What easier Right to Work Checks thanks to COVID-19 mean for umbrella companies and their contractors
Back before the new normal we’re living in today thanks to a national pandemic -- in May 2014 in fact, the contractor industry saw umbrella companies in a fluster due to the introduction of Right to Work checks, writes Lucy Smith, managing director of Clarity Umbrella.
These checks dictated that every employer had a responsibility to ensure that its employees were legally entitled to work in the UK. And if these checks were not adhered to, then the fines could be hefty.
Right to Work checks; then -- and now
All employers, including umbrella companies, were supposed to comply with the legislation and demonstrate this responsibility with their employees -- their umbrella contractors -- in person. Or, at least, via a live video link.
Without these face-to-face meetings, or video alternatives clear enough for employer to see the would-be employee’s physical features, the Home Office guidance made clear that brollies ran the risk of facing penalties that could reach up to £20,000 -- per candidate.
But we’re now far from 2014, and the new norm for the foreseeable is social distancing, working from home wherever possible and not going out unless it’s essential.
So, to reduce the risk of COVID-19 being spread by face-to-face interaction (the very thing the Home Office recommended since 2014), and to reduce the risk of catching coronavirus from document-handling, Right to Work checks just got liberalised.
In fact, with immediate effect (March 30th), the government has tweaked the legislation surrounding Right to Work checks temporarily, to make video calls the main way for umbrellas to be compliant.
Four main takeaways about Right to Work amid the coronavirus
The other main takeaways from this Home Office announcement for the employer / the umbrella company and the employee/ the umbrella contractor, are:
- Right to Work checks are still required during this coronavirus-covered period. So contractors and umbrellas, this is not a get-out-of-jail-free card!
- The employer /umbrella can now ask the would-be worker to submit a scanned copy or photo of their original documents to you via email or using a mobile app. So you can forget the originals for the time being, apparently because COVID-19 is keeping master copies on lockdown!
- The employer/umbrella can arrange a video call with the aspiring employee/contractor. Although note, this is something that many umbrella companies should be set up for already. For now, if you’re the new worker-hopeful, you will be asked to hold up the original documents to the camera so the employer/umbrella representative can check them against the digital version of the sent-documents.
- The employer/umbrella then has to take note of the date on which the check has been made and label it as “adjusted check undertaken on [insert date] due to COVID-19”
In addition, as part of this coronavirus support package for Right To Work checks, employers (i.e. umbrella companies) are now also able to use the Employer Checking Service if a prospective or existing employee cannot provide any of the accepted documents. And if the aspiring worker has a current Biometric Residence Permit or Biometric Residence Card or status under the EU Settlement Scheme, the employer can use the online Right to Work checking service while doing a video call – although note, the applicant must give their express permission to view their details.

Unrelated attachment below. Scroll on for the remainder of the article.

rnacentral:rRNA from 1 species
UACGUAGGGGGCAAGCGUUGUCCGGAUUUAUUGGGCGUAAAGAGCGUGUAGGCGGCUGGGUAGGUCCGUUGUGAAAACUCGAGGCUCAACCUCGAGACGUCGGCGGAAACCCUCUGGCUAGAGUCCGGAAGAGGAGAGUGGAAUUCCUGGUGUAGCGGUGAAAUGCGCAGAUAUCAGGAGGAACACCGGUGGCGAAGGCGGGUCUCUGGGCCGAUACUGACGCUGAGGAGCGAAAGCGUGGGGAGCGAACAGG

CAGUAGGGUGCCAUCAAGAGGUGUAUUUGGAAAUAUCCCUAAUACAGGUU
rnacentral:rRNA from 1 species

Umbrellas mustn't side-step the Home Office update
Still sounding strict however, the government stated yesterday that, although the rules have been somewhat relaxed, it will remain a criminal offence to knowingly employ anyone who does not have the right to work in the UK. So while the relaxed regime might still seem arduous to contractors and their brollies, it’s not something the umbrella company can side-step.
Indeed contractors, many umbrella companies will continue to provide additional checks to verify your identity and right to work checks, so this may not cause significant changes to their operations at present.
It has been noted by the Home Office that these are deemed as temporary changes designed to make Right to Work checks easier during these challenging times. To us, they hopefully mean that the remote-working, flexible contractor market can blossom under such trying conditions.
Actually, we are currently seeing many end-clients need more remote workers, so these Right to Work changes will make it slightly easier to ‘onboard’ contractors and get them up and running quickly via an umbrella company.
Are you ready for restrospective checks?
Be aware that as of yet, there is no confirmed end date for this amendment, but officials say that post this current crisis period, the umbrella/employer may be asked to carry out retrospective checks on workers /contractors who started working during this unique period. Crucially, these checks will need to be conducted within eight weeks of the Covid-19 measures ending. If, at the point of carrying out the retrospective check, the umbrella finds the employee does not have permission to be in the UK, the worker will be forced to end their employment.
The upshot of all this is that caution must still be made when onboarding. For the avoidance of doubt or complacency during the coronavirus outbreak, the government has stated that an employer – such as an umbrella company, “must take extra care to ensure no-one is discriminated against as a job applicant or employee if they are unable to show you their documents”.
All in all, these Right to Work changes represent a sensible, timely update from the government which seem to put people first – and hopefully people in work, in the safest, most efficient way possible during the pandemic.